The book constructs its analysis around the discussions of the different stereotypes. The destructive bitch, the confidant-sage, the benevolent witch, and other mythic and social types are treated in a context that is neither purely African nor European, but a combination of both. Works addressed include Baraka's The Dutchman, Ellison's Inivisible Man, Himes's If He Hollers Let Him Go, Wright's Native Son, and Walker's The Color Purple. The work concludes with a bibliography and a comprehensive index. This book will be useful for courses in African-American fiction, women in literature, and myth and literature, as well as an important addition to college and university libraries.
In searching for a definitive concept of black theatre, Euba delves deeply into the Yoruba culture and gods, specifically the attributes and ritual of Esu-Elegbara. The resulting vision goes beyond the standard interpretations to place Esu, the fate god, squarely at the center of Yoruba ritual and drama, and by extension, at the center of the black writer's concept of character, actor, and audience as victims of fate and satire.
The first section of the book explores the essence of man in the black world of survival. The second, and main section, seeks to develop a concept of drama in black theatre (in African and the New World experience) from the point of view of Esu-Elegbara. The text is highlighted by various illustrations. Three tables outline the Agents of Satire: Imprecator; Imprecator/Satirist; and Satirist/Agent. A bibliography, notes, and an index will help the scholar who wishes to further explore this rich and complex subject. The book is a sophisticated study that will be of great interest to students seeking to understand African influences on black culture today. Potential markets for the book include university-level black history, literature, or culture studies. A broader market might be found among theatre practitioners and students of modern drama.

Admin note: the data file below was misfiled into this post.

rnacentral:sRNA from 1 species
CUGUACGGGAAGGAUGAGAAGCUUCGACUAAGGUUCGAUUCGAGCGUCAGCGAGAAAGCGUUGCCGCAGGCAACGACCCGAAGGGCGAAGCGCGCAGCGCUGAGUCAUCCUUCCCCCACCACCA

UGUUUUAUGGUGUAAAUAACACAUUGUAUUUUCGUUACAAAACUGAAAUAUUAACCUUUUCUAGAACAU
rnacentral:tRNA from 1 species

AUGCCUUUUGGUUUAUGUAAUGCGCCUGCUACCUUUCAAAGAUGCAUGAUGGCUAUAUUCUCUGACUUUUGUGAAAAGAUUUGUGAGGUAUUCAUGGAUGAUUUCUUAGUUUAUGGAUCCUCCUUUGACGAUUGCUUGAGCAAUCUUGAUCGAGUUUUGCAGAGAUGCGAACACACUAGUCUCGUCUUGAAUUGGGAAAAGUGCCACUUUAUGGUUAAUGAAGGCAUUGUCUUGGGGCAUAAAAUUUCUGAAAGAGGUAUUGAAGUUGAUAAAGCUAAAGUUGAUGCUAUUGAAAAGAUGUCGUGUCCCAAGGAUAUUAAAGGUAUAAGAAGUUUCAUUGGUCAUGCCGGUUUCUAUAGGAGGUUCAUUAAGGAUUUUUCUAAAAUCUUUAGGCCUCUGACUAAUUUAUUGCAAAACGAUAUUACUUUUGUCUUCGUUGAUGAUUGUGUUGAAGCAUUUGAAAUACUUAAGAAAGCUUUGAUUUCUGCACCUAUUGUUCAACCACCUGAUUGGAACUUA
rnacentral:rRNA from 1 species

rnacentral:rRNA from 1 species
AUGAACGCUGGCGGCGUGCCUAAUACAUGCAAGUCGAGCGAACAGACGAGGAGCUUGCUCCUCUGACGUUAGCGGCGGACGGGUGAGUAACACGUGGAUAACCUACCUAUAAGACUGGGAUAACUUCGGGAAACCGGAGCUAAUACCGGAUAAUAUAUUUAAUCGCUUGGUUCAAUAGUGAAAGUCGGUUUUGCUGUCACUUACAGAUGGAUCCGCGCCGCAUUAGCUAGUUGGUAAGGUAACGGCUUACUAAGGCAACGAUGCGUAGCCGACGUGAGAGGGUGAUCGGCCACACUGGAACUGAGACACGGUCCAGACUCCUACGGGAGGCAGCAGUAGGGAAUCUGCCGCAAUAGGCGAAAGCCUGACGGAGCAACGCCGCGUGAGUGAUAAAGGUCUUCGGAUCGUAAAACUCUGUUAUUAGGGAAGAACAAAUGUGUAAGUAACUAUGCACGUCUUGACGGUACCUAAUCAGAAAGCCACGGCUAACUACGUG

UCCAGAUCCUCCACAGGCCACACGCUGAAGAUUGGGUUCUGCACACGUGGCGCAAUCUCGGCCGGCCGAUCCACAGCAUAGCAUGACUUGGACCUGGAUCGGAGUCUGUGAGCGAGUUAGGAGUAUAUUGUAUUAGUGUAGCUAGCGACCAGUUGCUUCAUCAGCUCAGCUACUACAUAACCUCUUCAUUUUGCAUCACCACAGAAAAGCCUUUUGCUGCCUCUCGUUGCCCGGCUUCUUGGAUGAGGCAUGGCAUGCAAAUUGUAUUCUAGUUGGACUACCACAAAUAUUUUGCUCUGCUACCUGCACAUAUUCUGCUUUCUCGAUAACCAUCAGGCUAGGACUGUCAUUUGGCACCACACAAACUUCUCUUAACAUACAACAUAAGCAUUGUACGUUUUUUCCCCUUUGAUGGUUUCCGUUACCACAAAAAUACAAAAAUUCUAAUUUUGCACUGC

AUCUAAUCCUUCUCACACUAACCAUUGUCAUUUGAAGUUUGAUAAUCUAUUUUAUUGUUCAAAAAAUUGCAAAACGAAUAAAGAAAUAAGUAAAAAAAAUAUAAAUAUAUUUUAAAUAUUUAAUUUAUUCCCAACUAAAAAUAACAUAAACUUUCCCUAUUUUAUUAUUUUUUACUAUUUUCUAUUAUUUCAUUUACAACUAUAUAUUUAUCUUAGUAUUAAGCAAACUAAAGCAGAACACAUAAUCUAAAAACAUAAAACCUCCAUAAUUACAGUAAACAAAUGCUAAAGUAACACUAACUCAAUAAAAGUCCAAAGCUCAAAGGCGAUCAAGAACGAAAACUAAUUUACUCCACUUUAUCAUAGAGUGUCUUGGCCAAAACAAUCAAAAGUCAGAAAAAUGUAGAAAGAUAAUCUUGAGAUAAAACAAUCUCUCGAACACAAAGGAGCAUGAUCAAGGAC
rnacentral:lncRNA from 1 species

First published anonymously in 1912, this resolutely unsentimental novel gave many white readers their first glimpse of the double standard -- and double consciousness -- that ruled the lives of black people in modern America. Republished in 1927, at the height of the Harlem Renaissance, with an introduction by Carl Van Vechten, The Autobiography of an Ex-Coloured Man became a groundbreaking document of Afro-American culture; the first first-person novel ever written by a black, it became an eloquent model for later novelists ranging from Zora Neale Hurston to Richard Wright and Ralph Ellison.Narrated by a man whose light skin enables him to "pass" for white, the novel describes a journey through the strata of black society at the turn of the century -- from a cigar factory in Jacksonville to an elite gambling club in New York, from genteel aristocrats to the musicians who hammered out the rhythms of ragtime. The Autobiography of an Ex-Coloured Man is a complex and moving examination of the question of race and an unsparing look at what it meant to forge an identity as a man in a culture that recognized nothing but color.